Extreme Physiology: Radiation tolerance

Don't let their small size fool you. Tardigrades, or 'water bears', are really tough animals. According to a review published in the American Scientist, these microscopic invertebrates can survive extreme variations in temperature from near absolute zero (-459 deg F) up to +302 deg F. They can also tolerate pressures that are 6 times greater than the deepest ocean, exposure to ionizing radiation (UV and x-ray) and the vacuum of space, as well as exposure to carbon dioxide and monoxide, nitrogen and sulfur dioxide. What's more, they can survive nearly complete dehydration, an ability called anhydrobiosis. To survive these extreme challenges, the animals go through a state called cryptobiosis during which time they shut down metabolism until the threat is over. For animals that live in moist environments with periodic dry spells, dehydration is a threat.

A new study published in Nature Communications examined whether water bear cellular tolerance to dehydration and radiation could be transferred to human cells. The researchers suspected that because both these threats damage DNA, water bears may use the same protein to protect their tissues. The team sequenced the genome of a species of water bear (Ramazzottius varieornatus), then inserted portions of the genome into cultured human cells. Just as they had suspected, they discovered a gene called Dsup that can prevent DNA damage caused by exposure of the cells to x-rays as well as dehydration.

The hope is that this discovery may lead to therapies to help protect people receiving radiation therapy or those who work with radiation. It may also help in the development of crops that can tolerate extreme temperatures or radiation - farming on Mars anyone?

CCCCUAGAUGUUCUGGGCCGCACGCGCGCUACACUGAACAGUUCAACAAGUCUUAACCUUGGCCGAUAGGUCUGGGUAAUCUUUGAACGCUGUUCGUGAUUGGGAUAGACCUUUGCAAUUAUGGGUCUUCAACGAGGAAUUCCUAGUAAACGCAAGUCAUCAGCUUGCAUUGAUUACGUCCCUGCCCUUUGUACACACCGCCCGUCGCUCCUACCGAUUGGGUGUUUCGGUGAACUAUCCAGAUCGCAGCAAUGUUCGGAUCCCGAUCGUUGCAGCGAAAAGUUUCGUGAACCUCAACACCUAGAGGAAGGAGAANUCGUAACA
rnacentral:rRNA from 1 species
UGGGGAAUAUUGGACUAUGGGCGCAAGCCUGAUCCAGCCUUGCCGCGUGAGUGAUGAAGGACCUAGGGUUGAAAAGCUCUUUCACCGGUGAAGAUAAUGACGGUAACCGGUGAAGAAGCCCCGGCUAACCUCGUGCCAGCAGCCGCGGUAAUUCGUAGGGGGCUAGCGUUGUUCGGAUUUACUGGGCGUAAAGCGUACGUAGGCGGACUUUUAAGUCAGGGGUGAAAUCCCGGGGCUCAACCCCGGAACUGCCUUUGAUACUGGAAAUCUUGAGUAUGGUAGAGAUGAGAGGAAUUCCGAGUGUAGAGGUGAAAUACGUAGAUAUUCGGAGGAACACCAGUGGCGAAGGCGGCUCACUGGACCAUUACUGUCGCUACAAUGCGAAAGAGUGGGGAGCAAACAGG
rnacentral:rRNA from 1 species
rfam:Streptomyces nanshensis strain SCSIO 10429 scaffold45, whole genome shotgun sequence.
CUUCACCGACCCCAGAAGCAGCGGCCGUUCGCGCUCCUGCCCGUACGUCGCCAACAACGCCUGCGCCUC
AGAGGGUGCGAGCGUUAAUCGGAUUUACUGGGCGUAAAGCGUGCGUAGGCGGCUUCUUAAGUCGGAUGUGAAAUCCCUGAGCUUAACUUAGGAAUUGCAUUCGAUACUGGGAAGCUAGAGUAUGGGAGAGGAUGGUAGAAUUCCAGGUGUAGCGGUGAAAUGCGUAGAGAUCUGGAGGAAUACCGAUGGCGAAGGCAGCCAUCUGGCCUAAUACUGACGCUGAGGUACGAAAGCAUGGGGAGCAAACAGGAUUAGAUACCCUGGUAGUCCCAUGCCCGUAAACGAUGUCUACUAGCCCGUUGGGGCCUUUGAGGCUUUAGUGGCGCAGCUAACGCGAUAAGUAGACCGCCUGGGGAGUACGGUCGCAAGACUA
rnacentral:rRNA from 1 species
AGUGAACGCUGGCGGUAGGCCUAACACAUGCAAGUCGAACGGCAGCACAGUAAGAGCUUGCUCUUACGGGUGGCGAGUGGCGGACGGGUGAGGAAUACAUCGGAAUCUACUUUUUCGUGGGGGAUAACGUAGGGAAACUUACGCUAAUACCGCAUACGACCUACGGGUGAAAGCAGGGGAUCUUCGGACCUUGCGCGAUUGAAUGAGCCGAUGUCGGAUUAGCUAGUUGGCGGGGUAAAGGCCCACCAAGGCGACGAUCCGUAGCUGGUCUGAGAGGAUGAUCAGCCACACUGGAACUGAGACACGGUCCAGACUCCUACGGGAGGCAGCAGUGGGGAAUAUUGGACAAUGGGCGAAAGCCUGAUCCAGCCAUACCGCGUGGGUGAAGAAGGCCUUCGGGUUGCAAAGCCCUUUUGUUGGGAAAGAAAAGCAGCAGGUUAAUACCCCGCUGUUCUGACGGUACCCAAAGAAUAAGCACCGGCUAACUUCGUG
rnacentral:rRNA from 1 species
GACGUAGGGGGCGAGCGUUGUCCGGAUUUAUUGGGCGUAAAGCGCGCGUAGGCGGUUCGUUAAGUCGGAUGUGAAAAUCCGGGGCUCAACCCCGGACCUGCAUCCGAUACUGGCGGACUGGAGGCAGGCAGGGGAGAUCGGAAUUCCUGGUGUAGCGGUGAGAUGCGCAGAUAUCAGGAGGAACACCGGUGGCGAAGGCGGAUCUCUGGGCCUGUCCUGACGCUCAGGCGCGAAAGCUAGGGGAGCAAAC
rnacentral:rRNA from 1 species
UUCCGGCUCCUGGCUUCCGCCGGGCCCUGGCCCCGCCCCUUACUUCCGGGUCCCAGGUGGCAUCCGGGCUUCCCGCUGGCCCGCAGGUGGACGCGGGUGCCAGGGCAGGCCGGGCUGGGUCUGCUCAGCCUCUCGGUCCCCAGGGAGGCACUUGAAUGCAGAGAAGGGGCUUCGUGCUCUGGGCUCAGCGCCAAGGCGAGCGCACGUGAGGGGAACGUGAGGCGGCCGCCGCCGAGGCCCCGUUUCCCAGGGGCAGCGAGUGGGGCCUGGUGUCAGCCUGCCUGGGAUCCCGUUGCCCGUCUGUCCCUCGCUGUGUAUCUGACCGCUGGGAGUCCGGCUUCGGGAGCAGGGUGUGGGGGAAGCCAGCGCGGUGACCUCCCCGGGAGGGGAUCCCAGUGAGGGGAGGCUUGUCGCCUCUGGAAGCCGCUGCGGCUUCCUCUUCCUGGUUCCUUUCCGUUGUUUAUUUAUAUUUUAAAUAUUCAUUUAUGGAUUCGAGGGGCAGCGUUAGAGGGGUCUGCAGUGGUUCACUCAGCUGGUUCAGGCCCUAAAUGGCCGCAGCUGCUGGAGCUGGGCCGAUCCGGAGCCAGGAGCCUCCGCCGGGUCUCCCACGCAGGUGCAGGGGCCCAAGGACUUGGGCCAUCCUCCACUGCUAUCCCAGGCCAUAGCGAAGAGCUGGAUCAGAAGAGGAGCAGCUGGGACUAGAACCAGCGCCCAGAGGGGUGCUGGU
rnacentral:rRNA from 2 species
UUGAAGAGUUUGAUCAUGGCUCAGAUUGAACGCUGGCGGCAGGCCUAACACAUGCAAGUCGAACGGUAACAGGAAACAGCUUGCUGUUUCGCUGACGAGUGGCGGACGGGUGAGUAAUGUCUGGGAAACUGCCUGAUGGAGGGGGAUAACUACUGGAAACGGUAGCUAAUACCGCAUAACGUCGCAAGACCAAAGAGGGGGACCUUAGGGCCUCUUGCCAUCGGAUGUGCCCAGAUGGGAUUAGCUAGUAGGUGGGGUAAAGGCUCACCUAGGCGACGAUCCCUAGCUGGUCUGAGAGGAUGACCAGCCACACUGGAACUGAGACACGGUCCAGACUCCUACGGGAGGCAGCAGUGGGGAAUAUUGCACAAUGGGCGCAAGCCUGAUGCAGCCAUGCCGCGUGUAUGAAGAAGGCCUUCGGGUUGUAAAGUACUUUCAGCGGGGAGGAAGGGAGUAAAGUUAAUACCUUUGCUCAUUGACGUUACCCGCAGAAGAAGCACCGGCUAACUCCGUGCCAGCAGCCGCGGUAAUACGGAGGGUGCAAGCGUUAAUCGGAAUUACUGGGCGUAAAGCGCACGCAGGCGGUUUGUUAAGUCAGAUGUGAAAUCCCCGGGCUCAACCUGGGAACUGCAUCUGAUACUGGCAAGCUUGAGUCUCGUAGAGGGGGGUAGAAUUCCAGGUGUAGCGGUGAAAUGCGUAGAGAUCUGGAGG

Given their amazing tolerance to extreme environments, I am sure the water bear genome sequence will lead to additional discoveries of protective proteins.



American Scientist

Video By Halberg K, J?rgensen A, M?bjerg N [CC BY 4.0 (http://creativecommons.org/licenses/by/4.0)], via Wikimedia Commons

More like this

Water bears, aka tardigrades, are resilient little creatures. These microscopic animals can survive both freezing and boiling temperatures, radiation, high pressure, starvation, the vacuum of space and even desiccation. This last ability caught the attention of a team of researchers interested in…
Bdelloid rotifers are one of the strangest of all animals. Uniquely, these small, freshwater invertebrates reproduce entirely asexually and have avoided sex for some 80 million years. At any point of their life cycle, they can be completely dried out and live happily in a dormant state before being…
In September last year, a team of scientists launched a squad of tiny animals into space aboard a Russian satellite. Once in orbit, the creatures were shunted into ventilated containers that exposed them to the vacuum of space. In this final frontier, they had no air and they were subjected to…
It was a wet and rainy day yesterday, and we have a dissecting microscope, so I decided to see if I could find some tardigrades. Tardigrade photo by nebarnix Reposted from Nov. 2006 I went outside and scraped a bit of moss and some lichens off of our deck. Then I put the lichens and moss in a…